No political agreement is reached in a vacuum. Changing the reality on the ground is not less important than designing a common vision for the future. It is both a condition and a catalyst for success. This present meeting of the AHLC allows us to make an assessment of our joint efforts to advance this goal.

Building the Palestinian economy, while at the same time managing a budget, is a complex and challenging endeavor, especially under present conditions. I wish to commend the efforts of President Abbas and Prime Minister Fayyad for the success of the Palestinian Finance Ministry in preparing the 2008 budget and for its advances in the process of reform and development. We also welcome the effort to expand the scope of income of the Palestinian treasury by collecting fees for services provided by the government to its citizens.

We also support the spirit and culture of responsibility that the present Palestinian government is beginning to advance.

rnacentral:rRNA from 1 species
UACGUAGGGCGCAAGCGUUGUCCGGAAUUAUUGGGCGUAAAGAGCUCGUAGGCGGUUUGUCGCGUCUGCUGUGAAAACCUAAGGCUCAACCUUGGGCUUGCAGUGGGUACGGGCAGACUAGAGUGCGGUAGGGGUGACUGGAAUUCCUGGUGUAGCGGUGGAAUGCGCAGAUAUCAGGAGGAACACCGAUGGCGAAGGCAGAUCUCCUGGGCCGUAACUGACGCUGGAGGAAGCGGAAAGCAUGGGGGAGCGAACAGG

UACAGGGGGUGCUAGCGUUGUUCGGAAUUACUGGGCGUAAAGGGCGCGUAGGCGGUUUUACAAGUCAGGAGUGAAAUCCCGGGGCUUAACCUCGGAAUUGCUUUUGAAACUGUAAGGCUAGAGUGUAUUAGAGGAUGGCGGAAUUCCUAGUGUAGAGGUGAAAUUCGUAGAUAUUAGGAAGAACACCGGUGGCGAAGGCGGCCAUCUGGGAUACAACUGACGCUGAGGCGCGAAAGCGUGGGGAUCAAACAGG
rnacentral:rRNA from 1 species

We hope that the Palestinian government intensifies these efforts to develop effective and accountable governance, including through the enforcement of the rule of law, countering terrorism and incitement and preparing the basis for co-existence and economic progress throughout Palestinian society. We also hope, while ensuring humanitarian welfare, that Gaza can be rid of terrorism and restored to the control of the legitimate Palestinian government so that genuine reform and economic development can be possible there as well. Neither Israelis nor Palestinians, nor the international community can afford a terrorist State in the Middle East.